The 35z is also a user-friendly craft. You don’t actually climb on the boat. Instead, you simply walk through a door on the side of the hull that’s the same level as the floating dock and enter the cockpit. The side doors, Johnstone explained, are part of his “honor-your-elders” philosophy, meaning he recognized that when boaters get older they really don’t enjoy climbing over a coaming or twisting an ankle jumping into the boat from a dock. That idea is carried out once you’re on board; the teak-and-holly sole is all on one level from the swim platform to the helm.
A bench aft in the cockpit seats three adults; it’s on a pod that lifts, revealing a large lazarette. A socket in the sole in front of the seat holds the stainless steel pedestal for a varnished teak, double-leaf table that opens to 24-by-36 inches. In the cockpit forward, a serving bar on the port side is big enough to accommodate an electric grill (the boat has a 3.5kW gas genset), baitwell, sink, icemaker, or fridge. To starboard is an aft-facing seat with a locker and portable cooler. An optional Bimini covers the cockpit.
Walking forward, the bridge deck is protected by a hardtop, roll-up Strataglass sides and aft door. Matching settees on each side convert to full-length berths at night that can be surrounded by a privacy curtain. There’s massive storage under the settees. For ventilation, two opening hatches overhead let in plenty of fresh air, the side windows forward slide apart, and the boat’s windshield fully opens at the touch of a button.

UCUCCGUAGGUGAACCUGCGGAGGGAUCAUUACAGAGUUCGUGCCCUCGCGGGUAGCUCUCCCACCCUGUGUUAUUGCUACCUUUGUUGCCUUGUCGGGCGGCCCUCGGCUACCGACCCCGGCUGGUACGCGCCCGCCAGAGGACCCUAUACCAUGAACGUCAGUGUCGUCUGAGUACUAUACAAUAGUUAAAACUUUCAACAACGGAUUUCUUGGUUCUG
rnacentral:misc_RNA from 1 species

At the helm, the teak joystick is under your left hand. When we left the dock, Johnstone simply walked the boat sideways. In addition to the joystick, the 35z has Skyhook, autopilot and automatic trim for the 300-hp Verados. (Twin 350-hp Verados are optional, but Johnstone says they only add about 4 knots of speed.)
The Mercury throttles are under your right hand, while the Mercury engine display and a large Raymarine gS165 HybridTouch chartplotter are in front and easy to read. The VHF is mounted overhead. Driving is comfortable, sitting in (or standing in front of) an adjustable Stidd Admiral helm seat with a teak footrest; a matching Stidd is across to port.
Below-decks, the 35z has a V-berth forward (a filler is optional), a galley to port (with a Corian counter with a sink, Princess single ceramic cooktop, microwave, and fridge), and head to starboard. The cabin is designed in a salty, Herreshoff style with cherry-trimmed, off-white panels and a teak-and-holly sole. I was surprised by the amount of standing headroom here, considering Zurn’s low profile for the boat. I’m almost 6-foot-2, and I had room to spare.
This new MJM clearly was designed for the way most people use boats today: as a day boat or weekend cruiser, with the possibility for occasional longer stays on board. That seems to be a winning formula. Indeed, Johnstone said MJM already has 22 orders, and those came in well before any fall boat show.
LOA: 35′ 6″
Draft: 2′ 8″
Weight: 11,695 lbs.
Fuel/Water: 250/58 U.S. gals.
Power: 2x 300-hp
Mercury Verado outboards
Optional Power: 2x 350-hp
Mercury Verado outboards
Cruise/Top Speed: 30/39 knots
Range: 233 nm @ 28.6 knots
Contact: MJM Yachts
39 Washington St., Newport, RI
By Peter A. Janssen, Southern Boating September 2017